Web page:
Applying the Metaphor of Motion to Phrase Analysis and Performance of Choral Music
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Western University, London, ON
JAMES MCGOWAN recently graduated with a Ph.D. in theory from the Eastman School of Music in Rochester, New York, with the completion of his dissertation "Dynamic Consonance in Selected Piano Performances of Tonal Jazz." He also holds a Master’s degree (music theory) from the University of North Texas, and Bachelor’s and Master’s degrees (composition) from the University of Toronto. He has published articles (CAML Review, Discourses in Music, and others forthcoming) and presented research on topics including jazz theory, performance and analysis studies, Schenkerian analysis, serial techniques, and text-music relationships at conferences in Canada, the United States, and England. As an award-winning composer, he has composed works for a variety of ensembles in diverse idioms, including five choral cantatas and many smaller works for choir. He has worked with amateur choirs in churches for about twenty years, during which he directed mass ecumenical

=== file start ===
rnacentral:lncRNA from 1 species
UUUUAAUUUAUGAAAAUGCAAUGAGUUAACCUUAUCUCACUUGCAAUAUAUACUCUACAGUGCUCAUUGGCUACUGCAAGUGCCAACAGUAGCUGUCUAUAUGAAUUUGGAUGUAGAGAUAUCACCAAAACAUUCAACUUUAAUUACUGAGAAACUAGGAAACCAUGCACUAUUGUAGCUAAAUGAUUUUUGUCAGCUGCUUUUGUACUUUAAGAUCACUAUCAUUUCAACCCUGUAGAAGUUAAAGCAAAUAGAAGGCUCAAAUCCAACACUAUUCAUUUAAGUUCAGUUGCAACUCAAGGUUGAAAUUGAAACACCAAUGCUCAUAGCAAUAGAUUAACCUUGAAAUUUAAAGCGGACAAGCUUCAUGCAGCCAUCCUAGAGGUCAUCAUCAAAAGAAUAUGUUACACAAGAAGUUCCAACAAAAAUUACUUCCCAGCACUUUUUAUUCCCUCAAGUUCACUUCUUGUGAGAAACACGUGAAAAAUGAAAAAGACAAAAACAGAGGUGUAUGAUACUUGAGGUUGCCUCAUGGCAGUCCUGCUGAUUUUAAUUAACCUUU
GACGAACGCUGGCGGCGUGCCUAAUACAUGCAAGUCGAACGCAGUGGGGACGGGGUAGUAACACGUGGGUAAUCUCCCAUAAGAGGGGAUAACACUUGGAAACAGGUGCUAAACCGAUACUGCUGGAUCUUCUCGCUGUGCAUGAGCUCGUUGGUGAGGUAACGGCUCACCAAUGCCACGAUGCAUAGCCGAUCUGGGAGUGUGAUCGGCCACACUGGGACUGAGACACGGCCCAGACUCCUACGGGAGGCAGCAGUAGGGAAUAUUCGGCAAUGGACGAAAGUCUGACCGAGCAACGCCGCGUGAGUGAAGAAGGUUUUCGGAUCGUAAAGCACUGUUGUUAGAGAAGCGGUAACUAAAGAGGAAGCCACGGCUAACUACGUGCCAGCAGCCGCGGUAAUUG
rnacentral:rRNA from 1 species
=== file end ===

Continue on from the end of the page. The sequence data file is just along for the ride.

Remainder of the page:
choirs, large choral works with orchestra, and staged children’s and youth musicals. In addition to his work as a composer, choral conductor, accompanist, jazz pianist, and organist, James has taught music theory at the University of Rochester, and is currently a member of the faculty in the Department of Theory and Composition at the University of Western Ontario, Don Wright Faculty of Music.